The preferred candidate to take over from Lord Patten as head of the BBC Trust defended the licence fee during a hearing with MPs.
Businesswoman Rona Fairhead told MPs on the Culture, Media and Sport Committee she was not "an establishment figure" and shrugged off reports she was offered the job because the Government wanted a woman in the role.
- March 20, 2018
- March 16, 2018
- March 15, 2018
She said she had been approached by head-hunters and had not discussed her application with anyone in the Government, saying: "I felt the process was, for my mind, a standard process."
Fairhead said the BBC's governance structure was "very complex", but added: "If I didn't think it was workable at all, I wouldn't have taken on the role".
She told MPs the licence fee was the "most appropriate way to fund" the corporation.
She said: "When I look at the current system on a licence fee basis, I think there are some very, very, significant benefits of the licence fee. It ensures independence, it ensures a universal service for a universal fee and I think it ensures creative freedom."
The former chief executive of the Financial Times group is the Government's "preferred candidate" to head up the Trust, replacing Patten who stood down in May.
Asked by committee member Philip Davies MP if she was "an establishment figure", she said: "I would not have counted myself as an establishment figure and I hope through this process you'll see I'm independent of mind and view."
Fairhead said there was "very little doubt" the BBC "has had a tough time over recent years" but it remained "a vitally important institution in the UK".
She refused to comment on whether her immediate predecessor, a former Conservative MP, had done a good job and said she had never "been politically active".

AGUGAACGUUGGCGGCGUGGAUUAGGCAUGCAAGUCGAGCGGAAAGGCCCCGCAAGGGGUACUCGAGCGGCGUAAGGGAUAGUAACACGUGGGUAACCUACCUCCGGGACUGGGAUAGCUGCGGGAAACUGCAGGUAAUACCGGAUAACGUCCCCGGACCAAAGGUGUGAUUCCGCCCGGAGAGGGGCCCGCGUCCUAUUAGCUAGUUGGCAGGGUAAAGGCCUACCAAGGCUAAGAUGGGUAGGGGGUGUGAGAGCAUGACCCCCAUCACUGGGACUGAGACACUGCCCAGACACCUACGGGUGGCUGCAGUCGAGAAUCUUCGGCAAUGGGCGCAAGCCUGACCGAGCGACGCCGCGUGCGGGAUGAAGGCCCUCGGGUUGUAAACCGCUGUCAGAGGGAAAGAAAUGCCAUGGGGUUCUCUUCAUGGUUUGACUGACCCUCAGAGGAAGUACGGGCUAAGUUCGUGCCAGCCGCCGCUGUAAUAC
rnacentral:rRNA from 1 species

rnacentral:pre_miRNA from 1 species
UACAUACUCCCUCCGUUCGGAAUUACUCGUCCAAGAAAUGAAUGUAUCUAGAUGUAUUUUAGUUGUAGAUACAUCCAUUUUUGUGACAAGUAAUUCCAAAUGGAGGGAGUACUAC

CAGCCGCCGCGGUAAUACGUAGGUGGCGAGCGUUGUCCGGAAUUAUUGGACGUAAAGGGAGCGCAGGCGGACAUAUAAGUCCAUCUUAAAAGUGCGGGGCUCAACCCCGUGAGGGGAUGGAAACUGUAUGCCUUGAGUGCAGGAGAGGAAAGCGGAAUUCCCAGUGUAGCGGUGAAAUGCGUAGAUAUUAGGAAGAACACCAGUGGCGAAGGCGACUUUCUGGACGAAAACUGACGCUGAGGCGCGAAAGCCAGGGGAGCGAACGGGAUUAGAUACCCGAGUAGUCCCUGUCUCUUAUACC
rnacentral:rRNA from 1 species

She told MPs her husband had been a Conservative councillor, adding: "But it's not my husband applying for this role, it's myself."
Fairhead, who confirmed she received a pay-off of more than £1m when she left her previous role at Pearson, said criticism of excessive pay-offs at the BBC had been "legitimate".
The corporation was heavily criticised over excessive payouts given to senior staff including £470,000 to former director general George Entwistle after only 54 days in the job and £680,000 to former chief operating officer Caroline Thomson.
Deputy director general Mark Byford departed the BBC with a total payout of £949,000.
Fairhead said her pay-off was "clearly a lot of money", adding: "I'm not going to apologise that I came from the private sector but I think when you're in the public sector world you have to look at funding through a different lens."
Alternatives to the BBC's traditional funding method have been proposed by politicians, performers and former corporation staff in the run-up to the renewal of its charter, which expires in 2016.
In May, Culture Secretary Sajid Javid said "everything" would be looked at, including licence fees and governance structures, when negotiations get under way.
Senior Tories have previously called the compulsory annual charge made to viewers – currently frozen at £145.50 a year – out of date and warned it faces the axe but BBC executives insist a subscription system could end up costing more money.
The renewal negotiations will take place on the back of a torrid few years that have seen the corporation lambasted for its handling of the Jimmy Savile scandal, massive executive pay-offs and a Newsnight investigation that led to the late Lord McAlpine being wrongly accused of child abuse.
Speaking to the Royal Television Society, Javid said the committee chairman had informed him it had unanimously backed Fairhead's appointment.